Kashmir, meanwhile, had become an important centre of Buddhism and, subsequently, Hinduism during the first half of the first millennium AD and these faiths co-existed side by side regardless of the region’s rulers for the best part of a thousand years. In 1349, Shah Mir became the first Muslim ruler of Kashmir and it continued to be controlled by followers of Islam from Mughals to Afghans until it was taken over by the Sikhs and followed the same historical path as Jammu from the 1840s until Independence. Its problems since 1948 (see The Kashmir conflict) have still not been resolved but under the guidance of its youngest ever chief minister, Omar Abdullah, (elected in January 2009), there is increased confidence of positive developments among Kashmiris.
The first inhabitants of Ladakh are thought to have been a mixture of nomadic herdsmen from the Tibetan plateau and a small contingent of early Buddhist refugees from northern India called the Mons, joined in the fourth or fifth century by the Indo-Aryan Dards, who introduced irrigation and settled agriculture. The first independent kingdom in the region was established in the ninth century by the maverick nobleman Nyima Gon, at around the same time as Buddhism was first disseminated by the wandering sage-apostles such as Padmasambhava (alias Guru Rinpoche). This was followed by the Second Spreading, among whose key proselytizers was the “Great Translator” Rinchen Zangpo.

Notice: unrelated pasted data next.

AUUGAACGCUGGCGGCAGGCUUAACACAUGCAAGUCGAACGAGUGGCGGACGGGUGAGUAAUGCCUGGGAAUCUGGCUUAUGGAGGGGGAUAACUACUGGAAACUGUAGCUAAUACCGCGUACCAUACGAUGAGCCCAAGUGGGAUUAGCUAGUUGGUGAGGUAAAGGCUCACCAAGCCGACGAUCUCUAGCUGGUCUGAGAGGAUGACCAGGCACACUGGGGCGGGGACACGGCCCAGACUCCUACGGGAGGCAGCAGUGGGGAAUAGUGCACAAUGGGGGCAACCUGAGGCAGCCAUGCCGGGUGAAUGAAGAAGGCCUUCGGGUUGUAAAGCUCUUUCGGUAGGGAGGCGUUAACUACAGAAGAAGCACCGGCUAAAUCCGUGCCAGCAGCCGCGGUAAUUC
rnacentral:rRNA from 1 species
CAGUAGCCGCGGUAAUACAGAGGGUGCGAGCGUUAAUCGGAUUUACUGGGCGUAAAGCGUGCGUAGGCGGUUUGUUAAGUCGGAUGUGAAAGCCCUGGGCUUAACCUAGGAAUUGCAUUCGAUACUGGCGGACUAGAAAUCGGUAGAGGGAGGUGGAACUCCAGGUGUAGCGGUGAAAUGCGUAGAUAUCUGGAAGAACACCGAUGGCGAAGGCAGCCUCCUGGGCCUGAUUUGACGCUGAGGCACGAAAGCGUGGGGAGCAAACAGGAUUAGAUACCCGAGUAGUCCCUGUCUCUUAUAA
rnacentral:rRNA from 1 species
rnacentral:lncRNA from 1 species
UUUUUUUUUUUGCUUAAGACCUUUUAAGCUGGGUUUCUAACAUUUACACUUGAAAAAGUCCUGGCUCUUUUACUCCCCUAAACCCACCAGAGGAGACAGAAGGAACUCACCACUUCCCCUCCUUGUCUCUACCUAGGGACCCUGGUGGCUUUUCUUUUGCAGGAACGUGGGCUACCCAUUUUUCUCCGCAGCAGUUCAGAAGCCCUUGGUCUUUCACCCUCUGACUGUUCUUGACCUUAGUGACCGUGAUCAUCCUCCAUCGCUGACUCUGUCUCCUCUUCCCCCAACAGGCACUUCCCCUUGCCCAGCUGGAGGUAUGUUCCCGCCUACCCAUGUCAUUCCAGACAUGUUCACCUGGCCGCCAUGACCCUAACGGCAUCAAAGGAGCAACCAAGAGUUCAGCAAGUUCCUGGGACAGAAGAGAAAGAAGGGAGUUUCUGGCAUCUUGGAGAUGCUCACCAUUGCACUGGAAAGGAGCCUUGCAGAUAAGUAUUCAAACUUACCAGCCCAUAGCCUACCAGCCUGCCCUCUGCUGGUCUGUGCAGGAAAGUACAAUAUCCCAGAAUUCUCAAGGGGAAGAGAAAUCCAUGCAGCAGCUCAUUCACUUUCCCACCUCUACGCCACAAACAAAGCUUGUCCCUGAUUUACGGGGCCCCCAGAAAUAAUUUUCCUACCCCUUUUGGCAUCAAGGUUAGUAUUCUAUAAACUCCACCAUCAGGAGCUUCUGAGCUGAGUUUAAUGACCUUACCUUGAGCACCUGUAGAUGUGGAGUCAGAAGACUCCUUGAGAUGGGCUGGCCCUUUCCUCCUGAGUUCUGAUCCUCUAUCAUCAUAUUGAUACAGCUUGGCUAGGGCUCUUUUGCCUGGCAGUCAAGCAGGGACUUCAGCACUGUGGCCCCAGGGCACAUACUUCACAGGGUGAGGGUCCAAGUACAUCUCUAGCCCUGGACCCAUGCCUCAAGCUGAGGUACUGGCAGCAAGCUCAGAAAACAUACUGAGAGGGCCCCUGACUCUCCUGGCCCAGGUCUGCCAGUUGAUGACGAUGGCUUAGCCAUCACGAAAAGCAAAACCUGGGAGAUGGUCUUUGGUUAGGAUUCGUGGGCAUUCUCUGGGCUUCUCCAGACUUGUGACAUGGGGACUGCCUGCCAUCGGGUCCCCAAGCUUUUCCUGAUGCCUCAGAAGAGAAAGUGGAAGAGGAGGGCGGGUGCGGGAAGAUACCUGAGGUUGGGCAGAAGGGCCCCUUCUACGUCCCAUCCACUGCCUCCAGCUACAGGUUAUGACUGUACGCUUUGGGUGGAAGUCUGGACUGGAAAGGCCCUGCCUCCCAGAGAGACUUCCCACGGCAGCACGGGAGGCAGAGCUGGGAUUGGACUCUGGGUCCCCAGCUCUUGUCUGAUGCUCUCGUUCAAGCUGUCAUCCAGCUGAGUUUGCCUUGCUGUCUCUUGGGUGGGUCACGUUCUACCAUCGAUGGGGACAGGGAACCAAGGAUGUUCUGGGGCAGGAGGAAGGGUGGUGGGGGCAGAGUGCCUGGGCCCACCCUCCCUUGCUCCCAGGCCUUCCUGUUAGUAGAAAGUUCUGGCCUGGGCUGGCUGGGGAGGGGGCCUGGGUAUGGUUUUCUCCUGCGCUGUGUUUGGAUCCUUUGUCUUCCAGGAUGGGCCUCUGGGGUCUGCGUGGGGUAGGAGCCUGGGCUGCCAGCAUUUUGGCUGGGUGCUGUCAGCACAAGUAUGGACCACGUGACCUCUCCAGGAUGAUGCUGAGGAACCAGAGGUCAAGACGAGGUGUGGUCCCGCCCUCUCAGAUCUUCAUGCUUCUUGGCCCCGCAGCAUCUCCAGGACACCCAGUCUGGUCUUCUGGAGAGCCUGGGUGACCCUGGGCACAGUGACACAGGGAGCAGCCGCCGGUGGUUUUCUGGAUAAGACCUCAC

Around the fourteenth century, Ladakh passed through a dark age before being reunified by Tashi Namgyal (ruled 1555–70), who established a new capital and palace at Leh. This power eventually succumbed to the mightier Mughals, when Aurangzeb demanded more tribute, ordered the construction of a mosque in Leh and forced the Ladakhi king to convert to Islam. Trade links with Tibet resumed in the eighteenth century, but Ladakh never regained its former status. Plagued by feuds and assassinations, the kingdom teetered into terminal decline, and was an easy target for the Dogra general Zorawar Singh, who annexed it for the maharaja of Kashmir in 1834.
Ladakh became a part of J&K in independent India in 1948, following the first of the three Indo-Pak wars fought in the region. Tensions over the disputed line of control still flare up sporadically (see The Kashmir conflict). When you consider the proximity of China, another old foe who annexed a large chunk of Ladakh in 1962, it’s easy to see why this is India’s most sensitive border zone. There is also a degree of internal friction. Long dissatisfied with the state government based in Srinagar, the Ladakhis finally saw the establishment of their region as the Ladakh Autonomous Hill Development Council (LAHDC) in September 1995, localizing – in theory – government control. A group of Ladakhi Buddhist and Muslim parties formed the unified Ladakh Union Territory Front in 2002 to push for separation from J&K and gain Union Territory recognition from Delhi. Despite local success in state elections, the Congress-led state government has repeatedly blocked moves to set up Union Territory status.